Copyright 2015 Stephen Russell-Lacy

Author Heart, Head & Hands

Chapter X. The Spiritual or Internal Mind in Three Degrees

THE Spiritual mind is here presented in three degrees; all the degrees below it are presented as one.

Read Apocalypse Explained,, AE 1125 (Ath.Cr. 28) and note the mention of three degrees of life above the ultimate which is a fourth. The three are those of the spiritual mind, answering to the three heavens; the ultimate or fourth consists of the natural mind and spiritual body, answering to the world of spirits, and includes also the natural body during life in the world. In Arcana Coelestia, AC 3405, all below the three heavens is included in the degree in which man is during life in the world; this is taken as the first degree; the ultimate or lowest heaven is the second degree, the middle heaven the third, and the highest heaven the fourth. (See also AC 5145.)

What is here drawn as the ultimate degree (E) is composed of several degrees as will appear from subsequent diagrams.

Relation of the Three Heavens and the Two Kingdoms.

THIS relation may be seen by comparing this diagram with Diagram IX. In Diagram IX the internal mind is drawn in two degrees, celestial and spiritual; in this diagram it is drawn in three degrees, celestial, spiritual, and natural. Diagram IX presents the whole spiritual mind in two degrees, coinciding with the two kingdoms of heaven; but each of these (B and C) has an internal and an external. Diagram X presents the whole internal mind in three degrees, coinciding with the three heavens. B in X is identical with the internal part of B in IX; C in X with the internal part of C in IX; and D in X is identical with the external parts of both B and C in IX, or what is the same the external of B and of C in IX, together constitute the lowest or natural heaven represented by D in X.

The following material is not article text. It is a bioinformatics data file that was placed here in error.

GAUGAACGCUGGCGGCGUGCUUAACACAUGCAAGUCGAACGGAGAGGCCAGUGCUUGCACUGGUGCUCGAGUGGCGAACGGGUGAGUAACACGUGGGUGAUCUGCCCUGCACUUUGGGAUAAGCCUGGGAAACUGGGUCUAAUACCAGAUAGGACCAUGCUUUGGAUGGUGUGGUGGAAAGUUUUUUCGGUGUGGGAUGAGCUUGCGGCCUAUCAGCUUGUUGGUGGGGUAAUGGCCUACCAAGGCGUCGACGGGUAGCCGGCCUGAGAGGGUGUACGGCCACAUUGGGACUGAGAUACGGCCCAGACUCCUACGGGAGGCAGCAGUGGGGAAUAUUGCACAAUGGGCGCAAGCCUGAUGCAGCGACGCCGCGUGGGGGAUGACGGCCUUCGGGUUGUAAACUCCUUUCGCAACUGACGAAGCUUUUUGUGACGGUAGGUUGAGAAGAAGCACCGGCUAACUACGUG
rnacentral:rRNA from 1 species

Before proceeding farther read Arcana Coelestia, AC 10129 and 9741. Note that in 9741 the clause, “The external of each heaven is what is called the ultimate or first heaven,” must mean “The external of each kingdom is what is called the ultimate or first heaven.”

The internal part of B in IX is the same as the ” holy of holies,” and the external part of it is the “inner court.” The internal part of C in IX is the “holy place;” and its external part is the “outer court.” The whole of B in X is the same as the “holy of holies,” and the whole of C is the “holy place;” and D the “inner” and the “outer court;” the inner part of D is the celestial of the natural heaven and is the “inner court,” and the outer part of D is the spiritual of the same heaven and is the “outer court.”

“The internal part of B in IX, coinciding with the internal part of the celestial kingdom, and the whole of B in X, coinciding with the celestial heaven, are the same and are represented by the “holy of holies.” The internal part of C in IX, coinciding with the internal of the spiritual kingdom, and the whole of C in X, coinciding with the spiritual heaven, are the same and are represented by the “holy place.” The external of B in IX, coinciding with the external of the celestial kingdom, and the internal of D in X, coinciding with the celestial of the natural heaven, are the same and are represented by the “inner court;” the external part of C in IX, coinciding with the external part of the spiritual kingdom, and the external of D in X, coinciding with the spiritual of the natural heaven, are the same and are represented by the outer court.” (AC 9873, 6366; H. H. 20 to 40; AE 449, 283.)

     

    The Deep Science of Scripture